You are able to cope when you don’t get what you want.
Adulthood is full of surprises and situations that don’t always work out in your favor—or are full of moments that require you to put other people’s needs before your own—and that’s okay.
For narcissists, this is hard to deal with. “An individual with narcissistic personality disorder may become disaffected, angry, and obsessive when they don’t get what they want,” Aldireti said.
Relatively speaking, someone with the traits of healthy narcissism would be able to stoop to these changes. “An individual with healthy narcissism…can cope well when they don’t get what they want or when they are unable to meet certain needs. They can be flexible with the outcome, and this allows them to meet life’s challenges with grace,” she said.
You don’t need to be liked.
Graham explained that when someone is giving a speech or a lecture, they want the audience to learn and care about what they’re saying – that’s healthy narcissism. On the other hand, the narcissist wants to be admired during the speech and wants the audience to tell them how well they did during the lecture.
“[The difference is] In the motivation behind our behaviors, in fact. So it could be the same behavior, but whatever’s going on inside their mind is the important thing,” Graham said.
The need for admiration is a hallmark of narcissism, and this is evident in many different situations—from workplaces to family environments.
You take care of yourself.
According to Alderete, displaying self-care behaviors is another sign of healthy narcissism. This means that you have the desire to take care of yourself and meet your needs.
This might sound like signing up for your favorite yoga class or treating yourself to your favorite meal when you need it. Plus, this self-care also means you’re not afraid to stand up for yourself.
“You have the ability to set boundaries with others and communicate more assertively,” Graham said.
You can really experience your feelings.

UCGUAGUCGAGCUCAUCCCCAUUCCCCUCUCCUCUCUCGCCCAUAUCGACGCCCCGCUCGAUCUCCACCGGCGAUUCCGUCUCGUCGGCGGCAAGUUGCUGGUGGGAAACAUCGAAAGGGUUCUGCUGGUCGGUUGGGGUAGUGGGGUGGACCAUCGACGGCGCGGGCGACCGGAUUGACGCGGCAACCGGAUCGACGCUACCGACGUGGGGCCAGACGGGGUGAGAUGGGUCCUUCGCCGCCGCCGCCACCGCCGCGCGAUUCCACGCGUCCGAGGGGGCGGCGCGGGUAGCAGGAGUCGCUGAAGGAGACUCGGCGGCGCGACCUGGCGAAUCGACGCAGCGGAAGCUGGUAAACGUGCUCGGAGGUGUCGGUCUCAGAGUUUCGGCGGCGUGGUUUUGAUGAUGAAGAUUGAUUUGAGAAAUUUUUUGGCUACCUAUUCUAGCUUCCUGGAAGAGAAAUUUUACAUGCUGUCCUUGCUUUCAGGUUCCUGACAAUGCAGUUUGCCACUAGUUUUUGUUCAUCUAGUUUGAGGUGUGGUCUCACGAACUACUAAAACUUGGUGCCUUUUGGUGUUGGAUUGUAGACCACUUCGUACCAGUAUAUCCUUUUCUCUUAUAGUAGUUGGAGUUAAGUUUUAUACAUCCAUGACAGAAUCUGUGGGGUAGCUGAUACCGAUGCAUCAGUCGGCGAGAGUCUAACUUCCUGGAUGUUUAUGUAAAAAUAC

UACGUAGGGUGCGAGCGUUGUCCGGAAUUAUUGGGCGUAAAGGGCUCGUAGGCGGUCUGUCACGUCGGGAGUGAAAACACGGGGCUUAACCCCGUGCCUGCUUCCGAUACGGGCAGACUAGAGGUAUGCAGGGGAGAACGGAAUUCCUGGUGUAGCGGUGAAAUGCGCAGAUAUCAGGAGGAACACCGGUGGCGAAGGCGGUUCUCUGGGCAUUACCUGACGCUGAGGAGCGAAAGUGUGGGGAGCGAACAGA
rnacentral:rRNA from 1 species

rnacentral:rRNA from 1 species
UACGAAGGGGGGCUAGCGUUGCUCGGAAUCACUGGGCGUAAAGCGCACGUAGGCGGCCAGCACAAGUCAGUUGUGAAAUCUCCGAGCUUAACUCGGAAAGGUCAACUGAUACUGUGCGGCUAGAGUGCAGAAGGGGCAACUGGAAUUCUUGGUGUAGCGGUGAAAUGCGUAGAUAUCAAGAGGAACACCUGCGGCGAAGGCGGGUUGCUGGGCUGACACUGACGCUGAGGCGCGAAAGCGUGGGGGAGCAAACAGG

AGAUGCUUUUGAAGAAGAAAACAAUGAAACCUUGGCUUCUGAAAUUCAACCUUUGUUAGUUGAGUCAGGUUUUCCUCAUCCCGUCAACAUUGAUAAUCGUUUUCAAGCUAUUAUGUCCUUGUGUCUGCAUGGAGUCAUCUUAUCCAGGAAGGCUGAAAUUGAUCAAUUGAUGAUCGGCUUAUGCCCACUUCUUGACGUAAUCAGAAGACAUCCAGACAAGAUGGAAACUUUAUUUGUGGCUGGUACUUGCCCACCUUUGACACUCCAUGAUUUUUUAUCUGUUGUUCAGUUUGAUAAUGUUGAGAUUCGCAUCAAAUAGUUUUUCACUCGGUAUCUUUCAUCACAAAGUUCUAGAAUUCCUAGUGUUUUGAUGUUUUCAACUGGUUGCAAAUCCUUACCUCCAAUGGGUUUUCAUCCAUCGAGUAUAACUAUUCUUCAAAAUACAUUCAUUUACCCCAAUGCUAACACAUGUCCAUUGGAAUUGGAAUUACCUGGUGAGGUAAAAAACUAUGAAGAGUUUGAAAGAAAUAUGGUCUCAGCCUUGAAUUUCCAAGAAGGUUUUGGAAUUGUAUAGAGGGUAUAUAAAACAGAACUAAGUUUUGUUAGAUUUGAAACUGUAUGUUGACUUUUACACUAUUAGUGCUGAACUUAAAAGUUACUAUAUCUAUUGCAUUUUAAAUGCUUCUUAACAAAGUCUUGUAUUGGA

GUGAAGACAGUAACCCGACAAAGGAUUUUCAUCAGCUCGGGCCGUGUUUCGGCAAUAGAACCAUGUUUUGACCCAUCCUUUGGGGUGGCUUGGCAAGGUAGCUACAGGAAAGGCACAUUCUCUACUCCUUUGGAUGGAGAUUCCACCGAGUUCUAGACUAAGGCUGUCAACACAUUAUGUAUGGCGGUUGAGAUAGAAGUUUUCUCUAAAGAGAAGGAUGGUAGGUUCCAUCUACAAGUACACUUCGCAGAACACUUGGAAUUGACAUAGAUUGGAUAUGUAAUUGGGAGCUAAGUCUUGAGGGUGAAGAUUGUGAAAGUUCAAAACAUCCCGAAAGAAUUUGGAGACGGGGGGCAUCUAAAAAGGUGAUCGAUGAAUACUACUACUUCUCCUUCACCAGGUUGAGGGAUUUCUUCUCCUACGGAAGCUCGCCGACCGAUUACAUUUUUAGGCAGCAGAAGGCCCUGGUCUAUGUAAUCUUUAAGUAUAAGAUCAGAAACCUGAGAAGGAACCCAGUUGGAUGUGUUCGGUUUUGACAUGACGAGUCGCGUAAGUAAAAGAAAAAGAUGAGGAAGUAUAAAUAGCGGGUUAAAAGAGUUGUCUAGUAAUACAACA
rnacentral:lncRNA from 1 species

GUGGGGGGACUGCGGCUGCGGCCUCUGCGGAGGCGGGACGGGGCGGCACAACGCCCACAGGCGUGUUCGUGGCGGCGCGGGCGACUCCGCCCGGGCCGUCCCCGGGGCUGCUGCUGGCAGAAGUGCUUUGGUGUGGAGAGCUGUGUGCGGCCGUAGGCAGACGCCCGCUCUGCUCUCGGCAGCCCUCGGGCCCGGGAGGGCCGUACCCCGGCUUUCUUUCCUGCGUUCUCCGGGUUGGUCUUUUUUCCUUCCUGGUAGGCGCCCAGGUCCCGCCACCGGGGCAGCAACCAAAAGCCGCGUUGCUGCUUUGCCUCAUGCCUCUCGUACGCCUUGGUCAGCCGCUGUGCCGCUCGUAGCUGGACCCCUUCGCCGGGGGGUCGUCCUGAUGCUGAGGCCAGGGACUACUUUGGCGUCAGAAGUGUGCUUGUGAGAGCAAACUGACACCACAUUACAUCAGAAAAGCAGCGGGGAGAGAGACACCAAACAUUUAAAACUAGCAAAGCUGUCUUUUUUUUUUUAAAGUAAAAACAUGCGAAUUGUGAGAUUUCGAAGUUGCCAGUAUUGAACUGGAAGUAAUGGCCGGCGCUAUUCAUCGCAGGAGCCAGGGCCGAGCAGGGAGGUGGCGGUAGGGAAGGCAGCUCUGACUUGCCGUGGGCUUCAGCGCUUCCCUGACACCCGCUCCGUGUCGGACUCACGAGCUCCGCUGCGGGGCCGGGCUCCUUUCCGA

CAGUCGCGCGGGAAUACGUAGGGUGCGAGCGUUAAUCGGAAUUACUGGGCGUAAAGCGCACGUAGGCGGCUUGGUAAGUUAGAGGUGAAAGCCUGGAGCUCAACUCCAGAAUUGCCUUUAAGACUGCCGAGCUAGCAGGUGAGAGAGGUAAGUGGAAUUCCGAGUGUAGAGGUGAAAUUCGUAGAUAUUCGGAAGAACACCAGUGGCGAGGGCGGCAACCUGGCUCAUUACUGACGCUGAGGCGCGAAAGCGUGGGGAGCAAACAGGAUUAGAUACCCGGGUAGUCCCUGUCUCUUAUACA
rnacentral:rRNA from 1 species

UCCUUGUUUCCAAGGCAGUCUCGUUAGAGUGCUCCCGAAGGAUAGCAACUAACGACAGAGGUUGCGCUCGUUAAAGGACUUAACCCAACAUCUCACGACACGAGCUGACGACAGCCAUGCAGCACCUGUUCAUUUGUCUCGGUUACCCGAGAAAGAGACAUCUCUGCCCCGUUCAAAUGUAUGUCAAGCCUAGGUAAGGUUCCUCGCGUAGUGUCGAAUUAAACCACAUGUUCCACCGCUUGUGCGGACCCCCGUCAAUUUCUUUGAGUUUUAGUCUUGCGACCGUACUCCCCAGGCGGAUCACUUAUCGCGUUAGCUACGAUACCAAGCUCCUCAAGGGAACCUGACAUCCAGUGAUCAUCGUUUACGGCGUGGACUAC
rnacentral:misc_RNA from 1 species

Referring again to Masterson’s research, Graham said that people who have a healthy amount of narcissism can experience emotions deeply.
When it comes to narcissists, Graham said, “there is an underlying shame and feelings of inadequacy,” which dampen the real feeling of the aforementioned feelings. Instead, life may feel like a continuous list of jobs or tasks.
People should be able to deeply feel emotions such as excitement, happiness, and spontaneity.
You are goal oriented.
Whether they are based on work, travel, or family, goals are something the person with healthy narcissism possesses. Even with setbacks, Graham notes, you’ll find yourself striving for a goal when it’s something you’re passionate about and in your best interest.
Graham said that for Echoes (people on the other side of the narcissistic spectrum), it’s hard to define your own goals and needs because you’re so used to serving those around you.
You know that you deserve respect and that others do too.
Anyone with healthy narcissism wants and expects to be treated well, Graham said, and will treat those around them with respect as well. It might feel like checking in on loved ones or not being afraid to stand up for yourself when a colleague tries to take credit for your work.
T“They have a really healthy relationship with themselves and with other people,” she said.
The hallmarks of a narcissist are very different from what is mentioned above.
By comparison, someone with narcissistic personality disorder may believe they are better than those around them, need constant validation, and lack empathy, Alderete said.
As mentioned earlier, healthy narcissism is essential for setting goals, understanding your feelings, and living a meaningful life. In other words, it is an ideal state of being.
If you’re struggling to feel this way — or if you feel like you’re on the far side of the spectrum — there are therapists you can reach out to for support. You can use Psychology Today’s database to find a provider near you or check out other online databases such as Inclusive Therapists.